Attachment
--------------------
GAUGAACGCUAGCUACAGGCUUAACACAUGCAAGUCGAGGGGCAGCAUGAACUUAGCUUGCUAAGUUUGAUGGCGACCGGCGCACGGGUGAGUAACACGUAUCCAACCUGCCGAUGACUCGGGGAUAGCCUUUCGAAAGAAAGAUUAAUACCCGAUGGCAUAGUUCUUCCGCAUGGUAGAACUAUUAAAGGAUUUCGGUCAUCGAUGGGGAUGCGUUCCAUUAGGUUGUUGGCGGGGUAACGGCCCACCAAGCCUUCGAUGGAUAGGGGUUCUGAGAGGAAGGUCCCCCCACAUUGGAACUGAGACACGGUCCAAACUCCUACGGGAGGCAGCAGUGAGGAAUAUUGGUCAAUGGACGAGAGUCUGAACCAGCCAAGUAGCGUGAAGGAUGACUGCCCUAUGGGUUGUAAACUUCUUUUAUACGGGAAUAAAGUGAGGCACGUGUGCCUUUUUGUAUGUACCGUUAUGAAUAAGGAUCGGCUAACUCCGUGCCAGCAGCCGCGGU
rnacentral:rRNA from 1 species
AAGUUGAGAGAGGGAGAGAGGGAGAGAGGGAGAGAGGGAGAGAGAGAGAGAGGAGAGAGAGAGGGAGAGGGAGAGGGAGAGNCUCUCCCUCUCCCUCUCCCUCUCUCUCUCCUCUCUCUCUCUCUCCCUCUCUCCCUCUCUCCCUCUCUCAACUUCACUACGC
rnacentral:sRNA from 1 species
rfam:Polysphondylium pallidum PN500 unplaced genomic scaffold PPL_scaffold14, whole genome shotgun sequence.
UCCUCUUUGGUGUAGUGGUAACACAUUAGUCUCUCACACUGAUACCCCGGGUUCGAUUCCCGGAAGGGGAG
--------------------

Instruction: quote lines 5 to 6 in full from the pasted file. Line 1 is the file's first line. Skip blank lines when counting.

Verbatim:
rfam:Polysphondylium pallidum PN500 unplaced genomic scaffold PPL_scaffold14, whole genome shotgun sequence.
UCCUCUUUGGUGUAGUGGUAACACAUUAGUCUCUCACACUGAUACCCCGGGUUCGAUUCCCGGAAGGGGAG